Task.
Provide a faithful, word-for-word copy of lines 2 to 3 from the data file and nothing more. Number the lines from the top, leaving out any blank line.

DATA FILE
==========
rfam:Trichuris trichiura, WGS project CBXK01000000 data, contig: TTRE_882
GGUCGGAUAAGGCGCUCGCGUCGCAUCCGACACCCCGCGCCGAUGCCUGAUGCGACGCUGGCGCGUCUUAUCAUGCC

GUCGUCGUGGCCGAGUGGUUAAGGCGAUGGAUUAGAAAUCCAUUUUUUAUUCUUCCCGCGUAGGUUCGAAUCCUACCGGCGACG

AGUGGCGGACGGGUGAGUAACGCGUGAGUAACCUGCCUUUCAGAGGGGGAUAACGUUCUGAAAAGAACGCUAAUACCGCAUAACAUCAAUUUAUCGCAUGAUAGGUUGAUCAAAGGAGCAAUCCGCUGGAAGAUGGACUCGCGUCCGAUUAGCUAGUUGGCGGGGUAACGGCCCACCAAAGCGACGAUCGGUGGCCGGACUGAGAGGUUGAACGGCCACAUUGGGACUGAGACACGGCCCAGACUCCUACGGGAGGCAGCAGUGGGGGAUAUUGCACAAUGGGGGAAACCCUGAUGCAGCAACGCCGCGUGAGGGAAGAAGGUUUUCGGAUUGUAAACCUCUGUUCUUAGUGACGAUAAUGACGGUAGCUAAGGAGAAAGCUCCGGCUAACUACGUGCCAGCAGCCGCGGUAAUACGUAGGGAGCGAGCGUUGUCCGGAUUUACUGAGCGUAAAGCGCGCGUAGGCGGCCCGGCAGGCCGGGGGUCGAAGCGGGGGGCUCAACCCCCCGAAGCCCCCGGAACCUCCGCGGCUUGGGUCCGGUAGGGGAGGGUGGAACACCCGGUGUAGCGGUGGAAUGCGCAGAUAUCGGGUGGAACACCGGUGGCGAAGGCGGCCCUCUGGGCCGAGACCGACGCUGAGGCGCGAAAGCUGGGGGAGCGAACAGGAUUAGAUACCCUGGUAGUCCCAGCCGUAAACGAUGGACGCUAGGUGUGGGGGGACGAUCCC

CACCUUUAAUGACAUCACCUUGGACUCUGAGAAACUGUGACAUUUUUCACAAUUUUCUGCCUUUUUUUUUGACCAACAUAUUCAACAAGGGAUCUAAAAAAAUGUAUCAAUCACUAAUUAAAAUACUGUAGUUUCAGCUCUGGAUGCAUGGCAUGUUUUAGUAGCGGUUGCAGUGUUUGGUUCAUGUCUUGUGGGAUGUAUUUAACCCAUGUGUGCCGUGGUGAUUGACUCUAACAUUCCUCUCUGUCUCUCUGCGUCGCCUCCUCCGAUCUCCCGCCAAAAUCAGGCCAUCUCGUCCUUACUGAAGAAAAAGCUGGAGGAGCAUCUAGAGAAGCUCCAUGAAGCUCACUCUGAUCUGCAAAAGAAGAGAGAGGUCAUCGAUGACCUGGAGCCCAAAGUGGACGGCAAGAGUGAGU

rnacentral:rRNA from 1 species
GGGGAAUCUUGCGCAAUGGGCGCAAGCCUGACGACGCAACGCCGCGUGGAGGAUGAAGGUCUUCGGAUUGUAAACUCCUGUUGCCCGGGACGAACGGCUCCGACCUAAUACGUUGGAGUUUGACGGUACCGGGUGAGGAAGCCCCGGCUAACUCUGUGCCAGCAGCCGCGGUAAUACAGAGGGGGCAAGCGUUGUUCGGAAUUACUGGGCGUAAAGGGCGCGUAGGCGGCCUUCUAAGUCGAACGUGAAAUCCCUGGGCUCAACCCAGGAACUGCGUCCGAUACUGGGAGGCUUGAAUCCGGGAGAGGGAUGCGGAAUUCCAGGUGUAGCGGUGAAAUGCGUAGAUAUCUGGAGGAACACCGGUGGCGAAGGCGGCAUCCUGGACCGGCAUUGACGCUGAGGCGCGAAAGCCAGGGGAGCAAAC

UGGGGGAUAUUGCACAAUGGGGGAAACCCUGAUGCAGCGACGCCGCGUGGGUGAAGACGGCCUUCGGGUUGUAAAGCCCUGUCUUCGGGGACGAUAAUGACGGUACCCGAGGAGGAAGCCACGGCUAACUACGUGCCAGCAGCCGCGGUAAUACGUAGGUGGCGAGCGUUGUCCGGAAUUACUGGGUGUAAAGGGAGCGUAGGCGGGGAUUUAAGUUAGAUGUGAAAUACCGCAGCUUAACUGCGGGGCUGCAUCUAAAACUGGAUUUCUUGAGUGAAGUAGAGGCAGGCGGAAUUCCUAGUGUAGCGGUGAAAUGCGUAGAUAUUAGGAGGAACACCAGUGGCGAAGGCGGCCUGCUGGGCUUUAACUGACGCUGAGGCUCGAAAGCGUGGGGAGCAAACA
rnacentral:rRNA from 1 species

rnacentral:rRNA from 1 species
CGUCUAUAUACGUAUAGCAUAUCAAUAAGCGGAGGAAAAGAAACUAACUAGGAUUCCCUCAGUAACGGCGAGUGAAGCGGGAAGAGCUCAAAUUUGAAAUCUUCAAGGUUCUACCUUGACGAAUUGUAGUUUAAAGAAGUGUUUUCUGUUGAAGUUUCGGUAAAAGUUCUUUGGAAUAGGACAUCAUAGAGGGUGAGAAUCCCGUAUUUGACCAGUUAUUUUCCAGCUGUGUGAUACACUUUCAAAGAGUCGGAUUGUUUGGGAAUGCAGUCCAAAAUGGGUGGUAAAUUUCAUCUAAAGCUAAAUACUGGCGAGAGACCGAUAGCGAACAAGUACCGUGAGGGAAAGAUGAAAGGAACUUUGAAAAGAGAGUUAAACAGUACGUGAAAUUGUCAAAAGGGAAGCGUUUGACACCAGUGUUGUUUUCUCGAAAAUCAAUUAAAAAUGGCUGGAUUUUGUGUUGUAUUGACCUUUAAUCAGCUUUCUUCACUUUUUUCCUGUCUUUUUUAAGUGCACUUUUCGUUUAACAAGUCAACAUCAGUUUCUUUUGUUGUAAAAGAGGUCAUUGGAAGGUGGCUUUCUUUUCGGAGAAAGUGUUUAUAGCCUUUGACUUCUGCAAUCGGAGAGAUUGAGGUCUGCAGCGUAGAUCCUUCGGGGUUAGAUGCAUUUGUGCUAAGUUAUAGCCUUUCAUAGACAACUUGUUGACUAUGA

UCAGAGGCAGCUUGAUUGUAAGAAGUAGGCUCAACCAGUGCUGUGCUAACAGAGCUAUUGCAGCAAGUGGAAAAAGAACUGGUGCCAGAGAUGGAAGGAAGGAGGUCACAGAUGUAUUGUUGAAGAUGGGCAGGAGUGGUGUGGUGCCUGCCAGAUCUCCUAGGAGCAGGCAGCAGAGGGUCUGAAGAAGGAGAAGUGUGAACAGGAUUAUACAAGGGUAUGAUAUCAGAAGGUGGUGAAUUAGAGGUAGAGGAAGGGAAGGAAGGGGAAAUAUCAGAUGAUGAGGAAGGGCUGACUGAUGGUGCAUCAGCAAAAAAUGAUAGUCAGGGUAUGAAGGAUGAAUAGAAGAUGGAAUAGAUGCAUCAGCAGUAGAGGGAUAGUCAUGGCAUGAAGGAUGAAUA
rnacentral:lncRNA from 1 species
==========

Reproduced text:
GGUCGGAUAAGGCGCUCGCGUCGCAUCCGACACCCCGCGCCGAUGCCUGAUGCGACGCUGGCGCGUCUUAUCAUGCC

GUCGUCGUGGCCGAGUGGUUAAGGCGAUGGAUUAGAAAUCCAUUUUUUAUUCUUCCCGCGUAGGUUCGAAUCCUACCGGCGACG